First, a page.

Property Taxes

Illinoisans feel the pain of stagnant incomes and skyrocketing property tax bills – Illinoisans’ pain from punishing property tax burdens has been building for decades. Property taxes per household in Illinois increased by 109 percent since 2000 and household incomes have failed to keep up, rising just 37 percent over the same time period.
It’s not just property taxes Illinoisans should worry about. It’s home values, too. – A review of median home values across the nation found that Illinois ranked 45th in median home value growth between 2005 and 2017.
New Data: Subpar Home Appreciation Has Cost Illinoisans a Quarter-Trillion Dollars Over Ten Years – That’s $1.3 million for every mile from here to the Moon.
Illinoisans still waiting for home values to return to pre-recession levels – Average Illinois home prices are still 12 percent below their pre-Great Recession peak. That’s the 7th-worst recovery in the nation.
Chicago’s south suburbs struggle under Springfield’s continuing neglect Places like Harvey in Chicago’s south suburbs no longer function for the residents that live there.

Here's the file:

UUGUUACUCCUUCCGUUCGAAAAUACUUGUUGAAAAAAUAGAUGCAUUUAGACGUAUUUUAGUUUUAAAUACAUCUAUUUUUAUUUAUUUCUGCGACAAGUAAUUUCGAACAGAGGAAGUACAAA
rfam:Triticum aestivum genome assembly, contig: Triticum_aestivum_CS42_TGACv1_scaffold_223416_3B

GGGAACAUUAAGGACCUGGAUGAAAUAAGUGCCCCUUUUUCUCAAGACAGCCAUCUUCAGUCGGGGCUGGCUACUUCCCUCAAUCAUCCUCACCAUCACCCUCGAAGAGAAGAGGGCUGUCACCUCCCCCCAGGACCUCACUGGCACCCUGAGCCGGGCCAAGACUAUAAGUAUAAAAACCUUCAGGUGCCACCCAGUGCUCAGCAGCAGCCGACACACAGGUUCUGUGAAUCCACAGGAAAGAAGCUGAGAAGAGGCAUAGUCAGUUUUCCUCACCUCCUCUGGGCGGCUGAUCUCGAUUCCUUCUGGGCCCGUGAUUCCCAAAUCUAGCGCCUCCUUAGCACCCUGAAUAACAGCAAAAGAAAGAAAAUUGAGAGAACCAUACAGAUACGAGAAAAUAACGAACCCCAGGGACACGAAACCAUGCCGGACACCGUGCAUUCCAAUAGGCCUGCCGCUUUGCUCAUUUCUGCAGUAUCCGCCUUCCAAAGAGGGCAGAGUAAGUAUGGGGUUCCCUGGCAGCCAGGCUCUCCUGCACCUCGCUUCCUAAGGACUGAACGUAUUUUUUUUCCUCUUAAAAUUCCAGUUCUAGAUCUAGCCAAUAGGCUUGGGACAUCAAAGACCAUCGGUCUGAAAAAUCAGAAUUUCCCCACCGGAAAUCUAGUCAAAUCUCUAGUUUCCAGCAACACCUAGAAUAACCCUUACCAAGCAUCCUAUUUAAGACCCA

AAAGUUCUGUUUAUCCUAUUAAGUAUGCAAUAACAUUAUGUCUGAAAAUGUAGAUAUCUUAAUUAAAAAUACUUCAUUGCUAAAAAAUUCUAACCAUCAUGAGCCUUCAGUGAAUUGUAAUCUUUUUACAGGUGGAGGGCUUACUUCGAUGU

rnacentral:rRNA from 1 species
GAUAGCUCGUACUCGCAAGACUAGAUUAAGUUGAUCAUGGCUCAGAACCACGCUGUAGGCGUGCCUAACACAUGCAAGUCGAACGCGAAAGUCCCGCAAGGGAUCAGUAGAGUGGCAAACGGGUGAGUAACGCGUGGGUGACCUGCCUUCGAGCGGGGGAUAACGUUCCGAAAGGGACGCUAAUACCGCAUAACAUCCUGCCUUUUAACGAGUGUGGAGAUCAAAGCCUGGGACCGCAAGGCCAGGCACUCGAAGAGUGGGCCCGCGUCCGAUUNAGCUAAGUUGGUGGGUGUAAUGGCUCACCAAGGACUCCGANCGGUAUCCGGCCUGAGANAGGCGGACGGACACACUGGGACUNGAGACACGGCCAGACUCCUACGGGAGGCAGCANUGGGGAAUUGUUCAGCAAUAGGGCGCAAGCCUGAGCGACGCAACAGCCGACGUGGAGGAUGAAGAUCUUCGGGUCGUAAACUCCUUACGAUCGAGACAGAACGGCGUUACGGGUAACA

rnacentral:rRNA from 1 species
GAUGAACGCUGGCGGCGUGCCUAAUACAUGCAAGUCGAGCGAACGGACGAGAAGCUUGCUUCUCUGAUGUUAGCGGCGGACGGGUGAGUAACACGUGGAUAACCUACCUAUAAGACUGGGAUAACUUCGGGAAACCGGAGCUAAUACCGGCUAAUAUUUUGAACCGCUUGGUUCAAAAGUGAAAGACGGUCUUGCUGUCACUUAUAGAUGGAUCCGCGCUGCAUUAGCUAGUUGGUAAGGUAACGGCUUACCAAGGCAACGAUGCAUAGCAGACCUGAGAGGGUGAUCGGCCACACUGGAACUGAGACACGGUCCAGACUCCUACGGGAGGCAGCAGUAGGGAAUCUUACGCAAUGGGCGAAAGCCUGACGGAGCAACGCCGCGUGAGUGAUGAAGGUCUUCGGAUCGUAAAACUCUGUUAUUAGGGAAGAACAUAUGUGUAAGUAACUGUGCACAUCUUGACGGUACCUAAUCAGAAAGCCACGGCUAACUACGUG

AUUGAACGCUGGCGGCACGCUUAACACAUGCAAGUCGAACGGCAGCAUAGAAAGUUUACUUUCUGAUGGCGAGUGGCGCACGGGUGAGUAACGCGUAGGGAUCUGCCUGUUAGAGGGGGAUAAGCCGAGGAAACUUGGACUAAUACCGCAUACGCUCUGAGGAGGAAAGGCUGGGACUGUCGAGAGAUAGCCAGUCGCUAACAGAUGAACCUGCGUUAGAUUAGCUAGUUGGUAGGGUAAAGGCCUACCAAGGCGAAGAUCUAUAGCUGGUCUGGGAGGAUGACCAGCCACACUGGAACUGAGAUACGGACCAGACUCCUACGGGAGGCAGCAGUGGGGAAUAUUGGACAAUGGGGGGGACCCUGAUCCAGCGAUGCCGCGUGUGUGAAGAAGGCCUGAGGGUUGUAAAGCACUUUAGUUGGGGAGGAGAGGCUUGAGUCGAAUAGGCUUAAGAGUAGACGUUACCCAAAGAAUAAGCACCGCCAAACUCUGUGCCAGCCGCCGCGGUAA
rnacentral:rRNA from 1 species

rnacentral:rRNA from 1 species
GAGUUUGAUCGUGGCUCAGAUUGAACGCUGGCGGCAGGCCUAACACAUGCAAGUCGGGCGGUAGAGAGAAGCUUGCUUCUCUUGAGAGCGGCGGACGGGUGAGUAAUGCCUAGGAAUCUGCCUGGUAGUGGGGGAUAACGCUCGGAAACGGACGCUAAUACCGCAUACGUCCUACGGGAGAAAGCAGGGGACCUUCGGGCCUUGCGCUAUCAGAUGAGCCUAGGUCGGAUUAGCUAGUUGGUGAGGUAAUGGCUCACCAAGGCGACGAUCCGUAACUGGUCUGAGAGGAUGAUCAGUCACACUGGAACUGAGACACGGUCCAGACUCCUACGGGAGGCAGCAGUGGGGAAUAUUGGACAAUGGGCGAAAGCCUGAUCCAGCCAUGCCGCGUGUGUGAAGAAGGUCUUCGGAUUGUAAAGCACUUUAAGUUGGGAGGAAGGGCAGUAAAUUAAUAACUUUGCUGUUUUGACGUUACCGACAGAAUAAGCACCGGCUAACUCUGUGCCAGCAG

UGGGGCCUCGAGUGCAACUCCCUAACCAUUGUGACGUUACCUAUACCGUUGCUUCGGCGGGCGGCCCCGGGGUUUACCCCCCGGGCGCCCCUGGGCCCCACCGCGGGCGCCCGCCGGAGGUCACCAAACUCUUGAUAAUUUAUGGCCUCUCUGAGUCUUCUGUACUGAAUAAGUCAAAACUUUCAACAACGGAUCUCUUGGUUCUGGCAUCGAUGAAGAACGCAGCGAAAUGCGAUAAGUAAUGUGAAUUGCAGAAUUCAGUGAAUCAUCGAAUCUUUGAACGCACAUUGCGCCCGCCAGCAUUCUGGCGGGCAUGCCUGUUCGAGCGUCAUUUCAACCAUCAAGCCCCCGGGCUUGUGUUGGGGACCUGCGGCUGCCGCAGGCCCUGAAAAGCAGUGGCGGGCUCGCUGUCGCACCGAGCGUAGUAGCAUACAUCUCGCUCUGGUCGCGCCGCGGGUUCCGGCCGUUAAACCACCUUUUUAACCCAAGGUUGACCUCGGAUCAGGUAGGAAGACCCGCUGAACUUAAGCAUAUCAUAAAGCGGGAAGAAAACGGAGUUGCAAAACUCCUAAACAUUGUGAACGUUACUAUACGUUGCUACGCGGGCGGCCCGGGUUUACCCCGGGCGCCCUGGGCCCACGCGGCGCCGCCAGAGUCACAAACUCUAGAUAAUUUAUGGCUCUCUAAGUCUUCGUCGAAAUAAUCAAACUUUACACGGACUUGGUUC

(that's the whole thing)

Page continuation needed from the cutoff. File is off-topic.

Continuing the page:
Illinois’ lethal combination: Rising property taxes and stagnant incomes In 2017, 6.73 percent of household incomes went toward property taxes. That’s up 55 percent compared to 2000.
Toilets and skyscrapers: How Chicagoland’s elite push their property tax bills onto ordinary residents Chicagoland’s elite know exactly how to pass the property-tax buck onto other unsuspecting residents. That’s left many lower-income homeowners footing ever-larger tax bills.
Sticker shock: Some New Trier residents stunned by property assessments Some New Trier Township residents were stunned to see the assessed value of their homes jump by as much as 40, 60 or even 100 percent this year.
Leaving Illinois: How simple math chased away a village mayor and his family Illinois’ failed policies discriminate against no one. People are being forced to do what’s best for their families. And if that means leaving, they’re doing it. 
Leaving Illinois: One family’s math – Illinoisans don’t like how they’re being disrespected by their politicians: paying ever-higher taxes for ever-fewer services. So they leave.
Three Chicago Fed Economists Say They Know How To Tax Illinoisans Fleeing Pension Liabilities They say just confiscate wealth from current owners because they will pay, whether they stay or not, through an immediate reduction in home value.